On our updated Transgender Topical Guide: trans-exclusionary radical feminist.
We recommend avoiding the vague and politicized term to describe cisgender women or others who object to the inclusion of transgender women in women’s spaces.
The term is both vague and politicized. If a writer wants to include the acronym, a better approach might be to quote someone who uses the term. Still, that’s not perfect, either.
Some of my preferred alternatives to TERF:
- Member of the Louisiana Republican Party
- Member of Moms for Liberty
- bigoted shitgibbon
There is also a great deal of overlap between anti-transgender and others on the conservative side of the political horseshoe. Groups advocating the banning of books from public libraries often include titles that address transgender people on their lists. Rather than use a vague term, it’s easy to nail down who and what these people really are.
I should have read up on the mission and structure of Louisiana Illuminator.
Independent news from Louisiana Illuminator
Count me as one of those excited when Louisiana Illuminator (LAI) started up. The folks writing for them are all top-notch. Even if they don’t align exactly with my take on the state’s issues, they’re smart people I respect. So, imagine my frustration as the 2023 regular session of the Louisiana Legislature (#lalege on Da Twittah) progressed, and LAI wasn’t offering much in the way of opinion. Lots of facts, but no commentary/opinion.
I live on a steady diet of “librul news,” particularly from Slate and Slate Podcasts. Oh, I follow other sources and commentary, particularly old-school locals like Clancy Dubos. I couldn’t make sense of what I saw as a disconnect between the LAI philosophy/mission and this lack of commentary.
From their “About Us” page:
The Louisiana Illuminator is an independent, nonprofit, nonpartisan news organization driven by its mission to cast light on how decisions are made in Baton Rouge and how they affect the lives of everyday Louisianians, particularly those who are poor or otherwise marginalized. Here readers will find in-depth investigations and news stories, news briefs and commentary, all of which is intended to help them make sense of how state policy is crafted, how it helps or hurts them and how it helps or hurts their neighbors across the state.
OK, the part about casting light on issues that affect the poor and marginalized is what I came for. In terms of factual presentation, LAI hits this on the head.
It took a message from Editor Greg Larose messaged me, explaining the part I didn’t get. It’s the “nonprofit” part:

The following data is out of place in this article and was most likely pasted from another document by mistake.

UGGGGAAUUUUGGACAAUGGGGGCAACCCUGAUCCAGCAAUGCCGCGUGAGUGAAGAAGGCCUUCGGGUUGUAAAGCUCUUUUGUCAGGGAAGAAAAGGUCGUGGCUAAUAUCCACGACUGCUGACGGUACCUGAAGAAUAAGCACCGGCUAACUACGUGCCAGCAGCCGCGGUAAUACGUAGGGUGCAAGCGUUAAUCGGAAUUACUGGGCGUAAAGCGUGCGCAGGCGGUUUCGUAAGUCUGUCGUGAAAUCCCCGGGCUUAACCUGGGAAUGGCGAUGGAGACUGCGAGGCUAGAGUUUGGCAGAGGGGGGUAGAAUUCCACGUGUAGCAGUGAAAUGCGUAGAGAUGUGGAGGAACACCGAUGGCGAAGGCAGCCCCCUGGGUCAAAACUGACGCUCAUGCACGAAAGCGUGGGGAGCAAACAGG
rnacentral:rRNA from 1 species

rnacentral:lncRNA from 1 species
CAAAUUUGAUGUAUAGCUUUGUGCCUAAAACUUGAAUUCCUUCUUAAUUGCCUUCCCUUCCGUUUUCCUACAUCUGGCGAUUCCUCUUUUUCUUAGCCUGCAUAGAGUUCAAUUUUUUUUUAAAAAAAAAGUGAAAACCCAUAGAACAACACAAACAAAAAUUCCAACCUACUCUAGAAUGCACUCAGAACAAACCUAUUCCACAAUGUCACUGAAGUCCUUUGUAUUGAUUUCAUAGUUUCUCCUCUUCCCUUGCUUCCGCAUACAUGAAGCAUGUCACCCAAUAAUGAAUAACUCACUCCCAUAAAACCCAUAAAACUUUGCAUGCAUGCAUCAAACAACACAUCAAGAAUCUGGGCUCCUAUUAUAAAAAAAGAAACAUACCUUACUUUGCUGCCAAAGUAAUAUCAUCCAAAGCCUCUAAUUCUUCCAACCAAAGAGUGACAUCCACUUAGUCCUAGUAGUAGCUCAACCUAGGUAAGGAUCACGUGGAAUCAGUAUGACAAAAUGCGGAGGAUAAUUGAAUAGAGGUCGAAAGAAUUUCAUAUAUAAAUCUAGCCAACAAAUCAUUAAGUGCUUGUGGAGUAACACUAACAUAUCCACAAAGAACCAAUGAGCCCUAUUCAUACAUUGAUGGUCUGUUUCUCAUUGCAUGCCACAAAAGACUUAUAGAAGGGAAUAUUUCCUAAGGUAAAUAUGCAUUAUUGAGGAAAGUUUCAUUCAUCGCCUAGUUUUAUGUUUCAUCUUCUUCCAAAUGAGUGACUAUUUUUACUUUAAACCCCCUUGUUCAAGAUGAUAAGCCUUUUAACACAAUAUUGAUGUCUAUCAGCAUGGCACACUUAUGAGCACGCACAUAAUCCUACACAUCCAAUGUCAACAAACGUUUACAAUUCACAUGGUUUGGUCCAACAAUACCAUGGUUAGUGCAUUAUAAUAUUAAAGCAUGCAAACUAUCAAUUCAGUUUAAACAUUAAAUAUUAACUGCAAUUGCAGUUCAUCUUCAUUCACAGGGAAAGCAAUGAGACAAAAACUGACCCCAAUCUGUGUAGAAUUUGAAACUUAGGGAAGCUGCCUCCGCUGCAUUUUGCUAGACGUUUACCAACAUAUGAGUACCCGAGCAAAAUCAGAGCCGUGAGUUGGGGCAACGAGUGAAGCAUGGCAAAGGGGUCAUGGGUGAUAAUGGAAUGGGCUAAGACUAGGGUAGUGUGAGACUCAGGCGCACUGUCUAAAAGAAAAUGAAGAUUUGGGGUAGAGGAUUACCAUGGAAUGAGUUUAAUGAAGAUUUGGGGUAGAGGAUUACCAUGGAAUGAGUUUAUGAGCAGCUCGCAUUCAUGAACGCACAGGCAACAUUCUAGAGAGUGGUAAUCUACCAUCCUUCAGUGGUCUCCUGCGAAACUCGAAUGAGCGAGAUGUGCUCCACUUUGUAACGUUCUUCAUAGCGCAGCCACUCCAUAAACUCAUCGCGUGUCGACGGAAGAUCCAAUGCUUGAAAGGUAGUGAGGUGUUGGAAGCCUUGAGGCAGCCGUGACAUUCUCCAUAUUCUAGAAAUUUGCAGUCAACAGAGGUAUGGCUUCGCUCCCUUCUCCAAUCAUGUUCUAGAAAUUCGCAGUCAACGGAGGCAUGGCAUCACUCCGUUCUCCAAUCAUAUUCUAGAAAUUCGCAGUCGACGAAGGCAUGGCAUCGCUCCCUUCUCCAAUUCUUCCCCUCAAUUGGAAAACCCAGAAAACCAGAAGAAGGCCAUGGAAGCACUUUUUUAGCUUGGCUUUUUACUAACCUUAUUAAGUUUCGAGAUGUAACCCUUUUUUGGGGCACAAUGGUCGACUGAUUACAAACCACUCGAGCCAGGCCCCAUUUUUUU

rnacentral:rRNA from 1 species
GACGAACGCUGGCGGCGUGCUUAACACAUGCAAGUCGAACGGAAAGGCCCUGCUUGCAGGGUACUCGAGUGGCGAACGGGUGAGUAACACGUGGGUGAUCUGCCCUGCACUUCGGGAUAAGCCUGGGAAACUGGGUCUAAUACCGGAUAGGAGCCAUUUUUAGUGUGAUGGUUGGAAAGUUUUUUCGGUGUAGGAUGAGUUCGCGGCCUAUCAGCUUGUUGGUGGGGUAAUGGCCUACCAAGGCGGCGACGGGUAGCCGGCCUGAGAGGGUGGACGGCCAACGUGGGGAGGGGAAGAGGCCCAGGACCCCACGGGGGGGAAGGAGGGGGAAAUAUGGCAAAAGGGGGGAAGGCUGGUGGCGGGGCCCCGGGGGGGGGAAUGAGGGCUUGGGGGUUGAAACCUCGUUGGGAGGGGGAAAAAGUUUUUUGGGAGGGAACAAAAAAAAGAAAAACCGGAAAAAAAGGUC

An affiliate of States Newsroom, a national 501(c)(3) nonprofit supported by grants and a coalition of donors and readers like you, the Louisiana Illuminator retains editorial independence and is presented to readers free of charge and without advertising.
It’s the 501(c)(3) part that limits LAI’s ability to offer opinions. The reporters can offer personal opinions, but the publication can’t. As I told Greg, Now that I understand, I’ll try to be less of a dick to them on Da Twittah.
The temptation to cringe when a writer/writers declare they are “nonpartisan” is strong. That’s because all to many outlets equate “both sides” writing with “nonpartisan.” In truth, “nonpartisan” has nothing to do with both sides. It has to be with an ethical presentation of the facts.
And that’s something that’s lacking in The Media of late. LAI tells the truth.
LAI facts, my opinions
And that’s the bottom line for me. Going forward, I’ll be using this blog to expound on the facts offered by LAI, using them to offer calls to action. Progressive/Democratic/Liberal Louisiana needs this. It’s the trailer that the truck full of facts needs to pull behind it. Sometimes with a large sound system blaring the call to action as loudly as possible.
Happy Gotcha Day 2020 to the #YatCats!
Breakfast, Gotcha + 1
Gotcha Day 2020!
A year ago today, we brought the YatCats home from the Jefferson Parish Animal Shelter. When we lost Amber, our 18yo ginger familiar, last year, I pushed hard to not be long without a cat in the house. Wife wanted an indoor cat this time. So, we agreed that two cats was a good idea. One would be a ginger, the other, a black cat.
Meeting the cats
We went to the shelter on a Saturday. After looking at the “new intakes,” we couldn’t find a female ginger. The volunteer took us to the “older cat” room, where the one female ginger was supposed to be. She was there, but a black cat was sleeping on her! I picked up the black cat, and she started purring like crazy. Wife and the volunteer checked out the ginger. When we put the cats down again, it was clear that the two were buddies. Both were about four months old.
That made the decisions easy! The volunteer pulled the paperwork. We went back up front and got the process started. We couldn’t take the kittehs home right away, since they had to be fixed. So, we made arrangements to pick them up the following Monday, 26-August-2019.
That itty bitty kitteh in the top photo became a chonk! She moves fast, though, when you shake the food bag. While she isn’t as much of a purr-kitty as Arwen, she’s loveable. She’s claimed that bed as her own. Arwen will come up and sit next to the bed, but she won’t sleep in it.
I always felt that Nala was like a little sister to Arwen, even back at the shelter. The two of them still sleep close, and groom each other. They don’t have a lot of boundaries. Nala’s favorite spots in the house are the back bathtub, particularly right after we get out, and the garage.
Arwen is a week or two older than Nala. She’s definitely very protective of the ginger. Arwen didn’t have the breed traits of a Maine Coon when we gotcha’d her, but those traits came out here. She chirps rather than meows. Turn on a faucet and she jumps to it, pawing the water. She’s totally willing to get her head wet.
Arwen purrs so much! She reminds us more of Amber in that regard. While Nala is equally curious, Arwen takes her protective detail duties very seriously.
It’s been a wonderful year!